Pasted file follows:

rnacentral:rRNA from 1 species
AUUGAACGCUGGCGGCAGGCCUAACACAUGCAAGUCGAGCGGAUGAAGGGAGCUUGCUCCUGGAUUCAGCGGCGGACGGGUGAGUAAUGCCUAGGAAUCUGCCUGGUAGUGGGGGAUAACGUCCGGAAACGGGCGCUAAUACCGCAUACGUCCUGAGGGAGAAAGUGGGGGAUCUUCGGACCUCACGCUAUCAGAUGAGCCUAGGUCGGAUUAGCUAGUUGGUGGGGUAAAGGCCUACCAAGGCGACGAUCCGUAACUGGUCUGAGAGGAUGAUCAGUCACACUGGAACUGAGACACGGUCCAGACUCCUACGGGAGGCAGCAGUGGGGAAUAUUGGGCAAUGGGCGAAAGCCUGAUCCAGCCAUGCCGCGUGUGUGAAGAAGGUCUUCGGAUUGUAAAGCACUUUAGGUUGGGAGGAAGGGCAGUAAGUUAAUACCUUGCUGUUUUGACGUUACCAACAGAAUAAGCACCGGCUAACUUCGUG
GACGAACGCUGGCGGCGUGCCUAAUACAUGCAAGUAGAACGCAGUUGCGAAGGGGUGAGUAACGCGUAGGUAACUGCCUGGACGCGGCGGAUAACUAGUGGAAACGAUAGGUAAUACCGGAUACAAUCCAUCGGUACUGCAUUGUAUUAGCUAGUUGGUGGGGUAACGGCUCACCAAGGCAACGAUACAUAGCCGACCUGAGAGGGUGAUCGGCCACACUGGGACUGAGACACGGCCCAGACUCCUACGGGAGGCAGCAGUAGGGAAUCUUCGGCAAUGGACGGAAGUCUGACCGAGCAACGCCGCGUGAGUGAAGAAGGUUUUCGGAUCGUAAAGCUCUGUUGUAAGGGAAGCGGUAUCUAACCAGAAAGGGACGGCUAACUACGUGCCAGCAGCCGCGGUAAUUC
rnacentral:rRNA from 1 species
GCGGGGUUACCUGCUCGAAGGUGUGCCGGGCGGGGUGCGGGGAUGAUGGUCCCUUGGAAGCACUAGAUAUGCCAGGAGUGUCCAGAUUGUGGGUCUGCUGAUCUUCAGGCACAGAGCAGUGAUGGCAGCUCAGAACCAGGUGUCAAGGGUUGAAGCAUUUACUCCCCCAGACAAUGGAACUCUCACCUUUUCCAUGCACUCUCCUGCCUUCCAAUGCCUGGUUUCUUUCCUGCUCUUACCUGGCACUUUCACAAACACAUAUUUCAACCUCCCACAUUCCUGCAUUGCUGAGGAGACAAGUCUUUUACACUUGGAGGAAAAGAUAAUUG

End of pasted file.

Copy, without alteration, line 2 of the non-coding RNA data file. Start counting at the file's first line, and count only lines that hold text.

AUUGAACGCUGGCGGCAGGCCUAACACAUGCAAGUCGAGCGGAUGAAGGGAGCUUGCUCCUGGAUUCAGCGGCGGACGGGUGAGUAAUGCCUAGGAAUCUGCCUGGUAGUGGGGGAUAACGUCCGGAAACGGGCGCUAAUACCGCAUACGUCCUGAGGGAGAAAGUGGGGGAUCUUCGGACCUCACGCUAUCAGAUGAGCCUAGGUCGGAUUAGCUAGUUGGUGGGGUAAAGGCCUACCAAGGCGACGAUCCGUAACUGGUCUGAGAGGAUGAUCAGUCACACUGGAACUGAGACACGGUCCAGACUCCUACGGGAGGCAGCAGUGGGGAAUAUUGGGCAAUGGGCGAAAGCCUGAUCCAGCCAUGCCGCGUGUGUGAAGAAGGUCUUCGGAUUGUAAAGCACUUUAGGUUGGGAGGAAGGGCAGUAAGUUAAUACCUUGCUGUUUUGACGUUACCAACAGAAUAAGCACCGGCUAACUUCGUG